Is it only in the social circles I have traveled, where learning an instrument is a required part of the "growing-up" experience? I am more inclined to believe that musical studies are a part of almost all children's lives, whether in the classroom learning the recorder, at home on the piano, or in the garage with the guitar. According to our personalities, we either embrace or resent the discipline that it brings, and some will claim our aptitude is dependent upon the dominant side of our brain. Regardless of what scientists will say on the brain, they have proven that the study of music increases concentration and mental activity, and is overall quite a stimulating endeavor.

When I was young, my instrumental studies came in the "home on the piano" variety. My mother, a talented pianist, made certain to include piano practices right beside the lists of chores, as items that must be accomplished before the day's end. Although I would have preferred to be playing the backyard, playing the piano was not so tedious, for when my studies were through, I could impress guests with simple renditions of "Hallelujah Chorus" and "Stars and Stripes Forever".

My piano abilities were self-taught, under the watchful eye of my mother, to make sure that I was actually learning. There was a short time of 11 months or so, where I studied weekly under a piano teacher outside the home, but her teaching style, and my learning style proved incompatible, and I was quite glad for the excuse to drop the lessons when the following summer schedule began to overflow.

I cannot remember for sure, but I'm guessing that it was around freshman year of high-school when the piano took a back burner, one that wasn't even lit. I stopped practicing, reverting back to the songs I had previously memorized. Throughout the rest of high-school and college, I would occasionally sit and learn a new song, memorize enough to play some rendition, and call it sufficient. I began to experiment with a little bit of guitar during this time as well, learning some basic chords, but never advancing beyond simple riffs and 4-chord progressions. My goal was to have enough skill to approach an instrument, play some basic material, and walk away as if interest was lost, or resort to party tricks, such as playing the piano while sitting underneath of it. To accompany my piano and guitar, I learned some harmonica and ocarina (a small wood flute), for the same purpose.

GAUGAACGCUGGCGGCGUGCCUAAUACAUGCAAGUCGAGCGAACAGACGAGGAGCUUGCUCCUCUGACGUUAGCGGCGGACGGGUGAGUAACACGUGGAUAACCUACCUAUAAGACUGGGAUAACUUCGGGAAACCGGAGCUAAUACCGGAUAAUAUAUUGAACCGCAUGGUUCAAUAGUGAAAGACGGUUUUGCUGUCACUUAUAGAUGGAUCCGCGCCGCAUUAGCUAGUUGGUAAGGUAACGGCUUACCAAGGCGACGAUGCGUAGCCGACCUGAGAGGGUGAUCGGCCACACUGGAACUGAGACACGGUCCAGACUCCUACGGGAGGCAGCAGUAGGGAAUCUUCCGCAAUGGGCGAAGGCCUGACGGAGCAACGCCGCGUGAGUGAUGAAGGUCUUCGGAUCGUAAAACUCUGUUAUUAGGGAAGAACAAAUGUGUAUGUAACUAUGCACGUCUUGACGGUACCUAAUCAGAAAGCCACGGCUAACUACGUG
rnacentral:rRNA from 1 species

As the reader already knows from the listed resolution. I would like to finish what I have started. My younger sisters have all passed my skill level with the piano to the point where I can't even see them on the horizon, and my fragile ego can barely absorb such humiliation. However, in order to catch them, I am at a significant disadvantage, lacking a piano or keyboard. I do own two guitars, and could continue my studies in that realm, or I could pursue purchasing a keyboard. The purchase of a full piano will have to wait until I acquire a more permanent residence, although that will hopefully be within the next few months as well. I leave my future in your hands faithful reader, and to your decision. Piano or guitar?

Think I should learn the versatile piano? Prefer to hear me play sweet melodies on the more portable guitar? Wondering when I'm ever going to find an ocarina laying about during a party? Me too.
Comment and vote below!